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How the shooting of Stephon Clark has sparked a movement within a community




A mourner displays a photo of Stephon Clark during his funeral services Thursday.
A mourner displays a photo of Stephon Clark during his funeral services Thursday.
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The shooting of Stephon Clark, an unarmed black man in Sacramento, has galvanized the community of Sacramento. Clark was just 22 years old when he was shot and killed by two police officers in his grandmother's backyard. Clark was holding a cellphone that police officers mistook for a gun.

The effect the event has had on the Sacramento community is palpable. "Really, every day in the streets we've seen protesters from Black Lives Matter and other local groups protesting outside the District Attorney's office, or in the downtown area, around the basketball arena, on the freeway," said Benjy Egle, a Sacramento Bee reporter who has been following the case. "When you're driving home from work nowadays, you look at the news and you try to figure out where the protests are...and if you're going to miss them on the ride home."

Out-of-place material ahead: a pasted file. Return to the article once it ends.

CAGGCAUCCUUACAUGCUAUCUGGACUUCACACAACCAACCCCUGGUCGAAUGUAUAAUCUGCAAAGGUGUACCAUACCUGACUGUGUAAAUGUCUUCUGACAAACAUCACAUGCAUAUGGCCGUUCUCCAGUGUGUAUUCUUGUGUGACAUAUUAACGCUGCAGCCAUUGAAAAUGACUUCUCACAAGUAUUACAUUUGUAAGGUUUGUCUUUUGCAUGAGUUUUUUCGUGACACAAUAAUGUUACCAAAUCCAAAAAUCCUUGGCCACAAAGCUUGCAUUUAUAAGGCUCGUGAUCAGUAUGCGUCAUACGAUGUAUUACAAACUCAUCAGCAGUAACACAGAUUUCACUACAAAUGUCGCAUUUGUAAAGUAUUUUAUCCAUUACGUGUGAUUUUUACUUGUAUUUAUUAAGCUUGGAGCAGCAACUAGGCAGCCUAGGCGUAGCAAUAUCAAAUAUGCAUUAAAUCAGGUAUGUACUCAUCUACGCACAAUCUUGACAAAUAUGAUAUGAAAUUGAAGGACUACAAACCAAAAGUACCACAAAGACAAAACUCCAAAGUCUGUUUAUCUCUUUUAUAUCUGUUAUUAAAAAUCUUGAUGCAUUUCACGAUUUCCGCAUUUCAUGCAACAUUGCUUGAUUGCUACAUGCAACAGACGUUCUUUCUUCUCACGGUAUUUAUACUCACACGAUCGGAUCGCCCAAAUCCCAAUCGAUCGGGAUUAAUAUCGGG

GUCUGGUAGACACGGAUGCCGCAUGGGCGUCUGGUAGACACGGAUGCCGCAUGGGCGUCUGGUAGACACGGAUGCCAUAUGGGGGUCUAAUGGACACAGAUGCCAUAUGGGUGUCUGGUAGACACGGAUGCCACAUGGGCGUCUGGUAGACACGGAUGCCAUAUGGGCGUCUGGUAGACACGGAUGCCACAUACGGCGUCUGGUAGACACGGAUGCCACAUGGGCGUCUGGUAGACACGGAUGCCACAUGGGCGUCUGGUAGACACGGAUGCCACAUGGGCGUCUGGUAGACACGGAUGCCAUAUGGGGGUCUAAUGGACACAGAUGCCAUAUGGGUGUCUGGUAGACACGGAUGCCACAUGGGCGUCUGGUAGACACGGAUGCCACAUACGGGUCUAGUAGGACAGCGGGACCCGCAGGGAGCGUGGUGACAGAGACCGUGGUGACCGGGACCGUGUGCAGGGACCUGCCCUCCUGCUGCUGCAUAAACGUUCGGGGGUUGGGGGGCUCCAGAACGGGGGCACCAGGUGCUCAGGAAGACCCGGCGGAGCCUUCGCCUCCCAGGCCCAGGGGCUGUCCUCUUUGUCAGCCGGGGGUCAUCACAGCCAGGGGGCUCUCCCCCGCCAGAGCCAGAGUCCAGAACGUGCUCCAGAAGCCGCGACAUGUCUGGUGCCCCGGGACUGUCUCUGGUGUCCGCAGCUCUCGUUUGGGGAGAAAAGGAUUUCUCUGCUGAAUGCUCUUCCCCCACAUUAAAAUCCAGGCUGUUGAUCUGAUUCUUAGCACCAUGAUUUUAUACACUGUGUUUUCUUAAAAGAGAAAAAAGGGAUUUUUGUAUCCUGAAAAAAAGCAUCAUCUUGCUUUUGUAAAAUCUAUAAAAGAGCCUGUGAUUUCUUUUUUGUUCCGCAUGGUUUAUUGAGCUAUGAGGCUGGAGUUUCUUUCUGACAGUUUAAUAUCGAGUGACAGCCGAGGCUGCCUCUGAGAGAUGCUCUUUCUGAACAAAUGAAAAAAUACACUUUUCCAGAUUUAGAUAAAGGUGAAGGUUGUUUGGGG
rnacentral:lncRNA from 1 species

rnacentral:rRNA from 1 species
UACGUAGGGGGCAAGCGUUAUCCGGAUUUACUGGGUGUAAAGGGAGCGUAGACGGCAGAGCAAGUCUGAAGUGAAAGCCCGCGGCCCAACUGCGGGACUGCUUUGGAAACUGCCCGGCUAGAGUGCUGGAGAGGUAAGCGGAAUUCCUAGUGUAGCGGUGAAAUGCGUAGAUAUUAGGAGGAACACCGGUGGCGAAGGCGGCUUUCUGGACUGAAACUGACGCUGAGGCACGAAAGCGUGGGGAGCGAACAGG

Likewise, the city's professional sports teams have come together. Matt Barnes, a former NBA player who played for the Sacramento Kings and grew up in the area, has taken on a leadership role. Also, the Kings basketball team has announced a partnership with Black Lives Matter -- an extraordinary move for a major pro sports team.

Through this, Clark's family remains at the forefront, as well. "I think they're hoping that the officers who shot [Stephon Clark] will be prosecuted by the District Attorney's office, " Egle said. "Beyond that, they're pushing for more investment in African American neighborhoods in Sacramento and other minority neighborhoods."